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Bitter Cold Blast Grips N. Plains to Northeast

UPDATED 7:45 AM CST, February 27, 2014

UPDATED By WeatherBug Meteorologist, Seth Carrier

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Another Arctic blast is piercing the U.S. northern tier while the Mid-Atlantic and Northeast see even more below-normal temperatures. The cold blast will continue full throttle to the end of the work week and even into early March.

Wind Chill Warnings and Advisories stretch from North Dakota through the Great Lakes, and even into western New York and Pennsylvania. In the Upper Midwest it has been another brutally cold morning. In fact, wind chill values of 25 to 35 degrees below zero stretch from North Dakota to Michigan`s Upper Peninsula this morning.

Temperatures will continue to trend well-below average with highs ranging from the negative single digits to around 10 degrees above north of Interstate 94 to the teens in the Upper Mississippi Valley. Even worse, overnight lows will dip into the minus-20s near the Canadian border to the negative teens in places like Minneapolis and Green Bay, Wis.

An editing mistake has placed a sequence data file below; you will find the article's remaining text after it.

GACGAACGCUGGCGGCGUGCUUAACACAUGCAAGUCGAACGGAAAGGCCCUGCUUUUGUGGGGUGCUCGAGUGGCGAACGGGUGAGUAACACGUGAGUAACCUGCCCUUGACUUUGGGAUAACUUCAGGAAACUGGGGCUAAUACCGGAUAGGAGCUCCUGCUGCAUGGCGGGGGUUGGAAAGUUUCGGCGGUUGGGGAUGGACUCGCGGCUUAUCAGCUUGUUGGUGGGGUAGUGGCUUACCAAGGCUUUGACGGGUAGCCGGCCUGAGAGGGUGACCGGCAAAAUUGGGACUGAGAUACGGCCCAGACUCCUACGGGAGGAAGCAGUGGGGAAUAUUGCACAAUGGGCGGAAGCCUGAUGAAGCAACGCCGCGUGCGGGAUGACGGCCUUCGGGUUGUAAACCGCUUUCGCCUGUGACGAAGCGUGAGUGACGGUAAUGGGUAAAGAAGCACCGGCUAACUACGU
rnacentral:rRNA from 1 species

Even the Mid-Atlantic and Northeast won`t catch a break from the Arctic chill. Although not as cold as the Upper Midwest, temperatures from Washington, D.C., to Boston will stay well-below average this week. Morning lows will drop into the teens with afternoon highs in the 20s and 30s for the Nation`s Capital and Philadelphia. This is a far cry from the average low in the lower 30s and afternoon high around 50 degrees. Boston will see a similar trend, just a notch colder with teens in the morning and 20s in the afternoon.

Adding salt to the wound will be a period of gusty winds that will accompany low pressure sliding from the Great Lakes to the Northeast today. Gusts could reach 40 mph at times from the Northern Plains to the Mid-Atlantic and southern New England, causing frigid wind chill values.

Temperatures will begin to moderate this weekend along the East Coast as the Arctic high slides off the coast and allows a southerly wind component to warm temperatures closer to average.

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